For our work & convenience lights, we use the LED headlights that we installed on the roof. The beam is more diffuse and can illuminate a large area without necessarily being able to illuminate very far. They do allow us to keep a powerful lighting if the bumper is under mud or snow. They are also connected to the auxiliary battery but on a dedicated switch.
Budget friendly or not?
Now, the choice of lighting and the budget. Like everything, if you have a modest budget, don’t worry, you can still make an installation because nowadays the offer of cheap LED headlights floods the car market.
But always keep in mind that you get what you pay for.
This cannot be truer for those cheap LED headlights and we have experienced it. LEDs are almost all made in China, the low quality ones as well as those of major brands. That’s why “made in China” doesn’t especially mean poor quality.
The difference in quality will be in the waterproofness of the housing and the reflectors that will make the headlights more or less effective.
When you buy quality, like the Lightforce halogen lights that we bought almost 10 years ago, you’ll spend a few hundred of francs but you’ll also buy a product deemed to be reliable that should last almost a lifetime.
These lightforce were submerged many times and suffered from shocks, but they still work properly. We never changed the bulbs in 10 years, which is why they might light a little less brighter but that’s not a big problem.
However, with lower quality LED headlights, like the four 36 watts flood and spot we installed on the roof, we can see that some have moisture behind the lenses even if they’ve never been immersed. So, the sealing standards claimed by the manufacturer are clearly not respected. For example, if this light had been totally immersed it probably wouldn’t work anymore.
It was a choice we made because we needed lighting on the roof, but spending hundreds of francs wasn’t possible. So, knowing that these lights wouldn’t be immersed, we took the risk because most are on the roof. They do light up well and do the job, but as soon as the budget allows it we will turn to better quality LED Lights to complete the halogen lighting we have on the bumper. Though it’s a bit useless to upgrade something that works, so that’s not a priority.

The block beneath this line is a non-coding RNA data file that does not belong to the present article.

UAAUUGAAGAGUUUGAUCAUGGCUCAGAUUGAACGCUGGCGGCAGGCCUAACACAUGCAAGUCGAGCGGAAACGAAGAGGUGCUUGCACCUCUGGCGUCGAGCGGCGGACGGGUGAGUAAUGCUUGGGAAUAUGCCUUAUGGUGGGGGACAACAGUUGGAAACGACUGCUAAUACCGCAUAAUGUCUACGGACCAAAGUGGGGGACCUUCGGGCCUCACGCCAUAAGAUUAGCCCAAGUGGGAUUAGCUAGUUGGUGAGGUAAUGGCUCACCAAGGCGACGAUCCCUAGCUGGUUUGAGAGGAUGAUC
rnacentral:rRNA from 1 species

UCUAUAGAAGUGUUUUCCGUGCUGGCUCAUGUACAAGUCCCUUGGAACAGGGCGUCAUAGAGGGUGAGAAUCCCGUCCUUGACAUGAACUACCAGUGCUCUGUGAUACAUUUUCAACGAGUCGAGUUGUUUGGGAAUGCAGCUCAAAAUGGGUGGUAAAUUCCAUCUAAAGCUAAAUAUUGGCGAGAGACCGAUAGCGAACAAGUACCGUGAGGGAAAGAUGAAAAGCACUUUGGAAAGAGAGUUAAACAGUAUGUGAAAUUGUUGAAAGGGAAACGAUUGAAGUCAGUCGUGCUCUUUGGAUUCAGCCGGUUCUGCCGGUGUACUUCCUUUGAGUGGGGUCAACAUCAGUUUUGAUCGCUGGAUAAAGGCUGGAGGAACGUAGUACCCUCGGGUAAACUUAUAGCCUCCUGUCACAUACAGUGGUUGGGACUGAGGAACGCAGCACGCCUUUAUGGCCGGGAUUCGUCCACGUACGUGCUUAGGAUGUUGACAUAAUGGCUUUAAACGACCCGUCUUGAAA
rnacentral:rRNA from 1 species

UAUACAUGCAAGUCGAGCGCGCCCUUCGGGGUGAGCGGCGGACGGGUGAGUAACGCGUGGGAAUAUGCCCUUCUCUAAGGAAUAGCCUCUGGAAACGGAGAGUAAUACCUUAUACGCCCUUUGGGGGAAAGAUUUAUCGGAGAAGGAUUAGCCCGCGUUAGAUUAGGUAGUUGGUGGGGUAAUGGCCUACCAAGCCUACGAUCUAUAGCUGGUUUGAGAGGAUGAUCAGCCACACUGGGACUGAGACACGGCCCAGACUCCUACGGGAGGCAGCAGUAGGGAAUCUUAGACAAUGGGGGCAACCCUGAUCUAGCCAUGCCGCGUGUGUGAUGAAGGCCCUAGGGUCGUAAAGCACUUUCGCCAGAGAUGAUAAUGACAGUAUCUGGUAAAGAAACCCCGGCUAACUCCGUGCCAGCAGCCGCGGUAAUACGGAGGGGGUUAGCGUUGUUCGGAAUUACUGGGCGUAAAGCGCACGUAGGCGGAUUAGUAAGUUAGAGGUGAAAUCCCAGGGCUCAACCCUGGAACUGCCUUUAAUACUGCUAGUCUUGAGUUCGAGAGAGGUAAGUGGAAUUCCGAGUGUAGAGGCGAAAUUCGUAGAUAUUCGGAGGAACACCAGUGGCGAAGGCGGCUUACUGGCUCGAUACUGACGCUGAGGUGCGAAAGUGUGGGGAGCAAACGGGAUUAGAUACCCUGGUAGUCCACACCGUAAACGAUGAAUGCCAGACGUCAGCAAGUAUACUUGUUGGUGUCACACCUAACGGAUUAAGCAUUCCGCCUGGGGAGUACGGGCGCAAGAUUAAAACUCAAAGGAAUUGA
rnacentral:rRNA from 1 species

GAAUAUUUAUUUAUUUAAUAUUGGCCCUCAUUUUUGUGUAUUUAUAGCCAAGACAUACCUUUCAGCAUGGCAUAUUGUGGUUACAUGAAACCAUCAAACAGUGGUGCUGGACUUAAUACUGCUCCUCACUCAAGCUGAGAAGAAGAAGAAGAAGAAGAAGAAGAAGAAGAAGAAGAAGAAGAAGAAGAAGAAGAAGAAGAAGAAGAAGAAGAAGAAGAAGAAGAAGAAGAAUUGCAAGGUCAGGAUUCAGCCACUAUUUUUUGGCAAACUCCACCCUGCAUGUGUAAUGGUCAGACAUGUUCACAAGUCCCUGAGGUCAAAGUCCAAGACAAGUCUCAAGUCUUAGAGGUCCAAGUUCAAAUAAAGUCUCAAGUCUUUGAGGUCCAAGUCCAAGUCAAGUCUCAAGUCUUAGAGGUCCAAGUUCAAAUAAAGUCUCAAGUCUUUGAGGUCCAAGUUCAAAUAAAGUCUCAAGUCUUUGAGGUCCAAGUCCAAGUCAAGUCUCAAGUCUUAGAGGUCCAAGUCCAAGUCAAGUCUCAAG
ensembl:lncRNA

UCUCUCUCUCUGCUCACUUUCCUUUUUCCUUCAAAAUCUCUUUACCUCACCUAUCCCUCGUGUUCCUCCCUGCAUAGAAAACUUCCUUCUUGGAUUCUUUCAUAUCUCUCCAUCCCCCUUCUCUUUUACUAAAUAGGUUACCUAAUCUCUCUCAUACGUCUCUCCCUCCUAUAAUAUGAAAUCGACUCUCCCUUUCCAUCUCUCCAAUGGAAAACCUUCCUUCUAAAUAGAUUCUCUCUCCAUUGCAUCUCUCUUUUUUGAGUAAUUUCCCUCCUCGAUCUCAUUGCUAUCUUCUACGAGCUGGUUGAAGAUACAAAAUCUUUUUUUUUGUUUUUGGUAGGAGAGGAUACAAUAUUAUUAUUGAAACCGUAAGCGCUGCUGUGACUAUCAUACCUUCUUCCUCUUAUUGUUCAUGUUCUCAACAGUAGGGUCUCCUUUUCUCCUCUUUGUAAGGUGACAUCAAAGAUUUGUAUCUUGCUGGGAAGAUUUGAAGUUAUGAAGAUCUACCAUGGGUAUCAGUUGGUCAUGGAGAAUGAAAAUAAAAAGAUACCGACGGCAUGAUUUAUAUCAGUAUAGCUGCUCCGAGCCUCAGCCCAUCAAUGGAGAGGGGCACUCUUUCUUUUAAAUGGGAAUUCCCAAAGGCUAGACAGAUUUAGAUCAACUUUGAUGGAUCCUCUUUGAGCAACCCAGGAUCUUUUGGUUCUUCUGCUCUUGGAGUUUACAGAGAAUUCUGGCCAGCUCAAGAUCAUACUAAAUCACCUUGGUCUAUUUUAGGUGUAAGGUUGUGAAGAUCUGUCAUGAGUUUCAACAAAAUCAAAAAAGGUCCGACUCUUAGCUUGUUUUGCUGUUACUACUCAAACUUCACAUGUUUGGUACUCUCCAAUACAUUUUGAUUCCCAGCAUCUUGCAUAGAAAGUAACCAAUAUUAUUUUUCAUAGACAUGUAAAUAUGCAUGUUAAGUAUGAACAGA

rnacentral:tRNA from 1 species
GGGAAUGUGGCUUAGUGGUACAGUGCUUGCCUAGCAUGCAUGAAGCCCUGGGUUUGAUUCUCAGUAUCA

These ones are 18watts Chinese LED headlights, and, after testing with the multimeter they actually are only 12watts.
This doesn’t mean that Chinese accessories are all poor of quality, but it varies a lot from a product to another. This is because Chinese can produce both kind of products: very good quality but also substandard products. In fact, they are only answering to consumer’s demand for always cheaper products.
What’s important is to not skimp on your electrical installation. Once you’ve made all your connections with good sections of cables and fuses for each light location, the hard part is done.
You can then decide, like us, to temporarily install cheap headlights, at around ten francs a piece, so that you can already enjoy your lighting. And the day they no longer work and if the budget allows, you replace them little by little by high-quality headlights.
Now let’s have review the set-up we currently have on our Defender:
- 2 stock headlights with H4 bulbs
- 2 Australian halogen Lightforce of 100watts each on the bumper
- 4 Chinese LED 36watts headlights 2flood/2spot on the roof
- 2 Chinese LED 18watts headlights at the back as work lights
- 2 Chinese LED 18watts headlights on the sides also as work lights
- 2 Chinese LED 18watts headlights at bumper level as fog lights
Concerning these fog lights, they are certainly not 100% waterproof, but they haven’t had yet the opportunity to take their first bath … we will see this when it’ll happen.
Last point, why not replace the main headlights with better LED ones like those from Truck-light or JWspeaker ?
You will find the answer in our video about headlight repair and upgrade. The link is also below in the description so just click on it to watch it and don’t hesitate to let us know your point of view about this question.
So, there we are with the lights & additional lighting installation on our Defender